In Hinduism, she is considered as one of the seven mothers that represent a type of female energy called shakti (feminine creative potential). Her color is blue, which represents purity and serenity
15. Goddess Bhavani
Bhavani is one of the most popular goddesses in Hinduism. She is an aspect of Durga, who is often considered to be a form of Devi. As such, she represents the energy of the universe and strength, power, and courage.
Bhavani is known as “The Goddess who gives knowledge and learning.” She also has another name that means “Goddess of wisdom” or “Goddess of knowledge” (Vidyarambha). According to legend, Shiva married her after he was born from Parvati’s forehead during a battle between gods and demons
16. Goddess Ganga
Ganga is the goddess of rivers in Hinduism. She is also known as the Ganges, which means “the river that flows from the sky”, in reference to her being a daughter of Himavat (Himalaya). She is one of the seven heavenly mothers, who represent different aspects of nature. Ganga is considered to be one of the forms of Goddess Parvati and an avatar of Lakshmi. Ganga is the goddess of rivers. She is the daughter of Lord Vishnu and the sister of Lord Varuna. She represents purity, loyalty, and righteousness. Ganga is known as one of the most important figures in Hinduism, who nurtures all life on Earth by providing water for drinking, irrigation, and spiritual cleansing.
17. Goddess Gayatri
Let’s begin with the goddess Gayatri, who is the goddess of knowledge, wisdom, and the arts. She is also considered to be a manifestation of Saraswati. Goddess Gayatri is one of the most worshipped goddesses in Hindusim. Many mantras are hymns are chanted in her praise.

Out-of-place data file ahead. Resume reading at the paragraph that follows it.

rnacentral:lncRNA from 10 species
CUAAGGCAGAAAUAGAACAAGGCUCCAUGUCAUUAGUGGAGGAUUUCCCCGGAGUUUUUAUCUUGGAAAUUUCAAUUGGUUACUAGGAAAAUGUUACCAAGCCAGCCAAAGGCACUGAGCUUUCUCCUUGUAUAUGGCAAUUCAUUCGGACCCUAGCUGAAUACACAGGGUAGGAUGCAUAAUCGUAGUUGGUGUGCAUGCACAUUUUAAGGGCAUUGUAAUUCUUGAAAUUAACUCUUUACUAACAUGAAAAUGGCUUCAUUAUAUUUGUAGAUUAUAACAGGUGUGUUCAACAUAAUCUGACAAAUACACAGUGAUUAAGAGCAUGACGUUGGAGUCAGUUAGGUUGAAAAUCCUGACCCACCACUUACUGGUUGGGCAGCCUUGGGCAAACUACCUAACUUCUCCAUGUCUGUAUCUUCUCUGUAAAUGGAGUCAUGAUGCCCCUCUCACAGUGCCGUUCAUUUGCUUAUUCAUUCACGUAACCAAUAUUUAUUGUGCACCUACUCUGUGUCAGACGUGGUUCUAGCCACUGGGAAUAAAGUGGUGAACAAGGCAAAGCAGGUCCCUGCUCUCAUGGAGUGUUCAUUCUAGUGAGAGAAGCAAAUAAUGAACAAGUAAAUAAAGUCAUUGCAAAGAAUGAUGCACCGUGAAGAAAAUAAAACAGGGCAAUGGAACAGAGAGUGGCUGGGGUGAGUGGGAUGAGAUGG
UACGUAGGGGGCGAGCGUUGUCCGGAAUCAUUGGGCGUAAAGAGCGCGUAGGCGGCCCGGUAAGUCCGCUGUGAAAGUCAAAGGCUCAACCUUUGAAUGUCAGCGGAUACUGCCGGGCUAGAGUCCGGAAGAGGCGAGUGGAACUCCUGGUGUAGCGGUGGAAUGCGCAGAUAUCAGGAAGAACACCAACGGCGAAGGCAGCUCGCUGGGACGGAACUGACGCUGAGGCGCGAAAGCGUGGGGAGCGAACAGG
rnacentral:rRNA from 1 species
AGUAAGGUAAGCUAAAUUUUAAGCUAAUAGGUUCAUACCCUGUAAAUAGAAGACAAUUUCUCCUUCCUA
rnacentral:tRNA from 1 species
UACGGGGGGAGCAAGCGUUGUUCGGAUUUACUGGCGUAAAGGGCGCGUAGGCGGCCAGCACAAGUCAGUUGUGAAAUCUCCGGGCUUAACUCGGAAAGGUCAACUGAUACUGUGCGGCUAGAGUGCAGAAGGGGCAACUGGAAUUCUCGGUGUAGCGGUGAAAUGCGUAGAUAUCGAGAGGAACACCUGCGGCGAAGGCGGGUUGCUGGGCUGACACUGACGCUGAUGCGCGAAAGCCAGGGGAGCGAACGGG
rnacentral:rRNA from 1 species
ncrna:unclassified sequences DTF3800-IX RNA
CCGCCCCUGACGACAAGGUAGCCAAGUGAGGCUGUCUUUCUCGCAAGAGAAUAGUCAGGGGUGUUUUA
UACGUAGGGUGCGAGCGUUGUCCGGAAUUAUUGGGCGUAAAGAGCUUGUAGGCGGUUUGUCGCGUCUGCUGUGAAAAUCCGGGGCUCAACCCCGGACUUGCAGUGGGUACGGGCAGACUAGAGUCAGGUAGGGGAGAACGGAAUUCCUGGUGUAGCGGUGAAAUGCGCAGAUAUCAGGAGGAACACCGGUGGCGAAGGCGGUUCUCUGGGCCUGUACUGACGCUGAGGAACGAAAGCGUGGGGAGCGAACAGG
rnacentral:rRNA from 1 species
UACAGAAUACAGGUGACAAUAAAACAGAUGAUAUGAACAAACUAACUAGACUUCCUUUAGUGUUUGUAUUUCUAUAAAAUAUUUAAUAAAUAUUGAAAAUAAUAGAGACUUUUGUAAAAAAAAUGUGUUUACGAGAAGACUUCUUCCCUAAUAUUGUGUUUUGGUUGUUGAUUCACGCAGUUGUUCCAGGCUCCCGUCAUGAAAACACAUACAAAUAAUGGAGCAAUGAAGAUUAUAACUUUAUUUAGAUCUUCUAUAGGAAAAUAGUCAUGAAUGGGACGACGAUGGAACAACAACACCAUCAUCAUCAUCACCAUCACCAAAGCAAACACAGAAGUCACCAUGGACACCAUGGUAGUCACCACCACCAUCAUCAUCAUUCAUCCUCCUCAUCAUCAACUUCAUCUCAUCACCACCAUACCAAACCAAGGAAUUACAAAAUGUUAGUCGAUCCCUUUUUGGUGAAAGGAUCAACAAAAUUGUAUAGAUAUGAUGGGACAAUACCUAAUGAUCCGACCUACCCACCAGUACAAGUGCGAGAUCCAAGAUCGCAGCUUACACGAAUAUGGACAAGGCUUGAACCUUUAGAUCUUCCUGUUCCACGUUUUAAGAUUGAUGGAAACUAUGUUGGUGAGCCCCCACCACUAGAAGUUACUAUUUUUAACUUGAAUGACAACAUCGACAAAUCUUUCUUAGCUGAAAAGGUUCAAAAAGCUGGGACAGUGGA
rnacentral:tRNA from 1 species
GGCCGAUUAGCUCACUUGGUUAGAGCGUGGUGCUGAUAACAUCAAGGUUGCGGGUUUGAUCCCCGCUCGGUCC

Gayatri was born when Brahma meditated on Vishnu and Saraswati. He then created her from his thoughts alone and named her Gayatrita (one who comes from Gayatri).
She became so beautiful that she won over all other gods in heaven by her looks alone! But Brahma did not want anyone else to marry his daughter because he knew he would lose his favorite daughter forever if she left him for another man! So in order to prevent this from happening, he kept her within himself by making her invisible to everyone else except those who could see through illusions created by Brahma himself.”
Kamadhenu is a divine goddess described in Hinduism as the mother of all cows. She is regarded as a sacred animal and believed to possess the earth’s milk. Kamadhenu is also known as Surabhi, which literally means “honeybee”.
The cow has special importance in Hindu culture, which considers it to be holy and symbolizes prosperity, strength, selfless giving, and nourishment of both body and spirit. In Hindu mythology, Kamadhenu represents abundance and prosperity; she can give whatever her master desires. Kamadhenu has been associated with many deities including Indra (god of rain), Vishnu (preserver god), Shiva (destroyer god), and Krishna (an avatar of Vishnu).
19. Goddess Tulsi
Goddess Tulsi is also associated with Kamadhenu. Tulsi (also known as Tulasi) is a sacred plant that grows in India. The plant has many medicinal properties and is believed to have special powers of purification. People have worshipped Tulsi for centuries, believing it to be an incarnation of Lakshmi, the goddess of wealth and abundance. is a goddess of plants and vegetation. She is considered to be a form of the Hindu goddess Devi (goddess). Tulsi is also known as the “Mother Plant”. The Tulsi plant has many medicinal properties and is said to have been used by humans for over 5,000 years.
When it comes to Hinduism, mythological stories are an integral part of the culture. Indian Goddesses in Hinduism represent the divine feminine energy and values, such as love, compassion, wisdom, and beauty. Each of these goddesses represents different aspects of the human experience, including fertility, strength, and protection. They represent various aspects of life and are worshipped as an entity that brings good luck, prosperity, peace, and harmony. Their stories contain valuable lessons about life and spirituality that we can still apply today!